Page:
“Data protection” refers to the aspect of privacy that is concerned with the use and misuse of personal data by those that process it. Though widely debated, scholars continue to converge (e.g.) on ideal data protection consisting of alignment between the purposes the data processor will use the data for and the expectations of the user, along with collection limitations that reduce exposure to misuse. Through its extraterritorial enforcement mechanism, the GDPR has threatened to make these standards global.
The implication of these trends is that there will be a global field of data flows regulated by these kinds of rules. Many of the large and important actors that process user data can be held accountable to the law. Privacy violations by these actors will be due to a failure to act within the bounds of the law that applies to them.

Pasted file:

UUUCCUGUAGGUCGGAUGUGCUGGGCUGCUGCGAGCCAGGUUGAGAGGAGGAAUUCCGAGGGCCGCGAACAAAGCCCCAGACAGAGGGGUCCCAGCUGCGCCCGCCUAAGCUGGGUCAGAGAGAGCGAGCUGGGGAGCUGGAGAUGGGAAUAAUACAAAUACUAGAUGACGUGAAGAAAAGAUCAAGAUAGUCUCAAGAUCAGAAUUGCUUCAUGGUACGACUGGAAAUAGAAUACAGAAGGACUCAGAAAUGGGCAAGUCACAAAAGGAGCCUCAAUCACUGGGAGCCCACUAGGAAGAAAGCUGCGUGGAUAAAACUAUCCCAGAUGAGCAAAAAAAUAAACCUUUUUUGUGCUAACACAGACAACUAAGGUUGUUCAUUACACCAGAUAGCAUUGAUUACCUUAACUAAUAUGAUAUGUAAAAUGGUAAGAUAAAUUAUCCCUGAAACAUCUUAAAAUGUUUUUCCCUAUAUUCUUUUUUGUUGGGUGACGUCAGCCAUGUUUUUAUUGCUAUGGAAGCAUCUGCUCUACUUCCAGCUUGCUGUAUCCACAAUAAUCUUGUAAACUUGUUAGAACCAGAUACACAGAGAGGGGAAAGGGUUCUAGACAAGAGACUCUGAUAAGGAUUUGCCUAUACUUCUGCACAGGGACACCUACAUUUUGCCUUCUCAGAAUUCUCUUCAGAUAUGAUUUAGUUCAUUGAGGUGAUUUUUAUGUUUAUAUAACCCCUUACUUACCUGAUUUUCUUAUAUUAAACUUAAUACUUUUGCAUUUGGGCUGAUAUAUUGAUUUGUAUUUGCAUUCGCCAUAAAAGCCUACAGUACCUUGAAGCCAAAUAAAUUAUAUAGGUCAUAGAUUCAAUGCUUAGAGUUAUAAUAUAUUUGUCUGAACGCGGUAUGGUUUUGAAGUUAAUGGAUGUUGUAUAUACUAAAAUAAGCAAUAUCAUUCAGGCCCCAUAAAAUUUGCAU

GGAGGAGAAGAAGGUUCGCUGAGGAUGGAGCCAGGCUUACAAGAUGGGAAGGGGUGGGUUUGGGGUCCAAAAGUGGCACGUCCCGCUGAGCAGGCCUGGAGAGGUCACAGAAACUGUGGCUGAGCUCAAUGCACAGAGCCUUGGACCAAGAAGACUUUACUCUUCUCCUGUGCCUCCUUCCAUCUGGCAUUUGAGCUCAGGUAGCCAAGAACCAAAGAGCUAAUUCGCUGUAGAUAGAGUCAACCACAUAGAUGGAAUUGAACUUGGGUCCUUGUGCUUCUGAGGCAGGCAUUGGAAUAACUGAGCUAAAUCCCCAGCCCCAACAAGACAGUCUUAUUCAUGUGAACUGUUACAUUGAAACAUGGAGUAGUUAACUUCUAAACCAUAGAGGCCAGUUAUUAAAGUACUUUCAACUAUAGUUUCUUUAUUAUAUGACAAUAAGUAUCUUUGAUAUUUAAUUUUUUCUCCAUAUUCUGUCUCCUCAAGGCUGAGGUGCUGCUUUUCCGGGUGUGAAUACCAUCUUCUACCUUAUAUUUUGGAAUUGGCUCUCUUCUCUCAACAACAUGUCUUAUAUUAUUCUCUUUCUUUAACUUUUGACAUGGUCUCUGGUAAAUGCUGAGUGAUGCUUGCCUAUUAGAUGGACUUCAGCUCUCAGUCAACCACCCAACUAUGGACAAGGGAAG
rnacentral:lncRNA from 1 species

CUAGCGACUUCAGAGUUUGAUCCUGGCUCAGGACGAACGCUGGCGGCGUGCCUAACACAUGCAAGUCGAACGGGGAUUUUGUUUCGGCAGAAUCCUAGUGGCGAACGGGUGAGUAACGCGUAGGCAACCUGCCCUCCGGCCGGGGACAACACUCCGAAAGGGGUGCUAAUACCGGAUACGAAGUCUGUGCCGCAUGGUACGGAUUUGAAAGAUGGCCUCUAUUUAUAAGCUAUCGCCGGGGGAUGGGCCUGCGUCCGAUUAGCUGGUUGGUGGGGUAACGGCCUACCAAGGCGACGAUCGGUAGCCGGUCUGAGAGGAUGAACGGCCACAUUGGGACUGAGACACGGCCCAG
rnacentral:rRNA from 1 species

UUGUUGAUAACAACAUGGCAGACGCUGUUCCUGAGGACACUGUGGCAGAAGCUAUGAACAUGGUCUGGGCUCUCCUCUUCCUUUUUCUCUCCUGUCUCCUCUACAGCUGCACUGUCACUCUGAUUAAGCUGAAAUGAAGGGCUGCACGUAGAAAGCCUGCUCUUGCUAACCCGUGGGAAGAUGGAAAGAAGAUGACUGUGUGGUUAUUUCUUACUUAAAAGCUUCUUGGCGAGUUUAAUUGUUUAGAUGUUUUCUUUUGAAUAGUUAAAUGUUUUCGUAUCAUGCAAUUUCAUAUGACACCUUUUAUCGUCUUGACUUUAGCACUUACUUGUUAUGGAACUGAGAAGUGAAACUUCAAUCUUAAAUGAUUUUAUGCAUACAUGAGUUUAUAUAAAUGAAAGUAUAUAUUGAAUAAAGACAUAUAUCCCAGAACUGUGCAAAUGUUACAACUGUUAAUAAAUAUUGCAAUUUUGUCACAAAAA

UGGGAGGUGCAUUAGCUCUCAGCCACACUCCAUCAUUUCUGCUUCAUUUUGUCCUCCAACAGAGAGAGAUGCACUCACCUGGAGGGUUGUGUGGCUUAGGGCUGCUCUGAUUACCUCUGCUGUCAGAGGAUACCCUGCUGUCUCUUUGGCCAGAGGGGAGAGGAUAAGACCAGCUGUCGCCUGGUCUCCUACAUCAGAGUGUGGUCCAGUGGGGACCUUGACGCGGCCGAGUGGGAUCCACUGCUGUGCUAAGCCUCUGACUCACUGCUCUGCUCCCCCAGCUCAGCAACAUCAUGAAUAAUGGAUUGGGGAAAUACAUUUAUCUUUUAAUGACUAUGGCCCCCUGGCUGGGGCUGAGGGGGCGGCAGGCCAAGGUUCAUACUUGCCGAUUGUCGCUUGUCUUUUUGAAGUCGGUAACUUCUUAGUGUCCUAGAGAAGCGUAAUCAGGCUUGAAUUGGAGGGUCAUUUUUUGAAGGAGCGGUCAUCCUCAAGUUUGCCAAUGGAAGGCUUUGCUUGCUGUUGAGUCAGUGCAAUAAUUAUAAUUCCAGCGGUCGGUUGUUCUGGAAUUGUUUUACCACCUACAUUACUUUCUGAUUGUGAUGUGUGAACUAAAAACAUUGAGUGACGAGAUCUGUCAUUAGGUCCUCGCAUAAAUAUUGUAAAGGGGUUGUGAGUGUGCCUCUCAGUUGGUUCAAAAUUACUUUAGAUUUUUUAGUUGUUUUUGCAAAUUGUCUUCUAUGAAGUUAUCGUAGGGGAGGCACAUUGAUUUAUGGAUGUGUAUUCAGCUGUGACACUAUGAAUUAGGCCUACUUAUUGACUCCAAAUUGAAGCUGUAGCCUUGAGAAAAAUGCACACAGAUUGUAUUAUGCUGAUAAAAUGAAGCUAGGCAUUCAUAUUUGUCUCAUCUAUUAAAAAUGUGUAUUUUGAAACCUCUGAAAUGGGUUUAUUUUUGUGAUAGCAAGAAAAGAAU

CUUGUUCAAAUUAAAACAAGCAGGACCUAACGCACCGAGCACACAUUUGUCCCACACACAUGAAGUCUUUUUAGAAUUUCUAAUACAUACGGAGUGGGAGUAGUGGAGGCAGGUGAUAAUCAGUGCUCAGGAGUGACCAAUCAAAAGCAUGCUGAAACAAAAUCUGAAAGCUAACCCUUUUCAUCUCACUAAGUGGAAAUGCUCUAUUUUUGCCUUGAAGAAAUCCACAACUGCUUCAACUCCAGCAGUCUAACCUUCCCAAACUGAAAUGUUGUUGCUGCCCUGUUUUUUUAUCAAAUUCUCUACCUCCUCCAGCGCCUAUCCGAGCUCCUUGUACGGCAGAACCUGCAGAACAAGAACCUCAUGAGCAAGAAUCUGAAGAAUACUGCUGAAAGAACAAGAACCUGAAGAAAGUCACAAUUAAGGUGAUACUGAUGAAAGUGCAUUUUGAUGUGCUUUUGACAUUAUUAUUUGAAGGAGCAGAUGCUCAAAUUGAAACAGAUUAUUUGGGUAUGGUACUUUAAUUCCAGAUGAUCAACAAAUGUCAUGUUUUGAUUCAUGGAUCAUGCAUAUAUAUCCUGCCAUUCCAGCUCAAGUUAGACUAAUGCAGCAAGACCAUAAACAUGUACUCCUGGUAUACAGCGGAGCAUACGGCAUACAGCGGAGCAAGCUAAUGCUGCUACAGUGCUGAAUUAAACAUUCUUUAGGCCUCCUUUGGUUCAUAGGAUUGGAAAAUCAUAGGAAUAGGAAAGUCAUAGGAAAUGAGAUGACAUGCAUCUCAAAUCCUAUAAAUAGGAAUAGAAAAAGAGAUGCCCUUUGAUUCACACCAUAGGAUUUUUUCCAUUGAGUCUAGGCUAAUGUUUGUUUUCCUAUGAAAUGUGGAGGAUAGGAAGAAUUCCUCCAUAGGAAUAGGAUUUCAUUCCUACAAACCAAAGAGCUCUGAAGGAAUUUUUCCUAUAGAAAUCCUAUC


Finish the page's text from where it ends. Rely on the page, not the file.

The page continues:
On the other hand, there is also cybercrime, an economy of data theft and information flows that exists “outside the law”.
I wonder what proportion of data protection violations are due to dark data flows–flows of personal data that are handled by organizations operating outside of any effective regulation.
I’m trying to draw an analogy to a global phenomenon that I know little about but which strikes me as perhaps more pressing than data protection: the interrelated problems of money laundering, off-shore finance, and dark money contributions to election campaigns. While surely oversimplifying the issue, my impression is that the network of financial flows can be divided into those that are more and less regulated by effective global law. Wealth seeks out these opportunities in the dark corners.
How much personal data flows in these dark networks? And how much is it responsible for privacy violations around the world? Versus how much is data protection effectively in the domain of accountable organizations (that may just make mistakes here and there)? Or is the dichotomy false, with truly no firm boundary between licit and illicit data flow networks?